The number of female radiologists publishing articles in academic journals jumped significantly from 1970 to 2000, but that trend has slowed down in recent years, according to a new study published in Academic Radiology.
“Publication of original research in peer-reviewed scientific journals is an important objective measure of academic productivity,” wrote lead author Erin E. O'Connor, MD, with the department of radiology at the University of Maryland Medical Center in Baltimore, and colleagues. “Author placement also has implications for accountability and allocation of credit and can be used in determining worthiness for promotion, allocated research time, and research funding.”
O'Connor et al. reviewed “original basic science and clinical research articles” from Radiology and the American Journal of Roentgenology (AJR) in the years 1970, 1980, 1990, 2000, 2004, 2005, 2010 and 2013-2016. In total, they identified more than 1,800 female first authors, more than 1,500 female last authors and more than 1,400 female corresponding authors who were published in Radiology. They also identified more than 1,800 female first authors, more than 1,600 female last authors and more than 1,800 female corresponding authors in AJR.
From 1970 to 2016, first authorship among female authors jumped 31 percent in Radiology and more than 32 percent in AJR. In fact, linear increases were noted in the number of “first, corresponding and senior authorships” for female radiologists, but that growth slowed down for first and corresponding authors beginning in 2000. O'Connor et al. wrote that this may, at least, partially, be a result of a similar plateau currently hitting female radiology faculty promotion.
The study did find that, unlike first and corresponding authors, the proportion of last authors is still rising in radiology journals at a consistent rate. The authors suggested that this means “there might be a ‘pipeline’ phenomenon at work.”
“Under this account, the reduced growth in female first authorship may result from a temporally coincident decrease in the numbers of women entering radiology training programs,” the authors wrote. “This possible mechanism is supported by our finding that female first authorship is linearly related to female faculty proportion over the entire study period. The continued rise in female last authorship may reflect the continuing progression of female faculty from junior to more senior positions of the type more commonly associated with last authorship.”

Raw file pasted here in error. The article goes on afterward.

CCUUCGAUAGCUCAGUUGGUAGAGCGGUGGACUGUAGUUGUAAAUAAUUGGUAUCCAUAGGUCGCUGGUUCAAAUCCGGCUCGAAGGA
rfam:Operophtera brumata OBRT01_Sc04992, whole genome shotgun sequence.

These authorship statistics are important for numerous reasons, O’Connor and colleagues explained.
“Authorship can profoundly influence career trajectory in academic radiology,” the authors wrote. “Moreover, academic productivity can profoundly influence decisions regarding faculty recruitment, hiring, and promotion. In addition, recent evidence suggests that salary determinations for medical school faculty can be influenced by publication productivity.”
Also, gender diversity can be directly linked to journal articles having a bigger impact. Articles with mixed gender authorship teams saw an increase in citations of 6.9 percent for each additional author compared to the authors all being a single gender.
“Because female radiologists make scientific contributions to the radiology literature in proportions that parallel the proportion of full-time female academic radiology faculty, one policy implication of these findings may be that encouraging more women to enter academic radiology careers may be the most efficient means of increasing the amount of radiology research authored by women, thereby building more productive gender-heterogeneous problem-solving teams in radiology departments,” the authors concluded.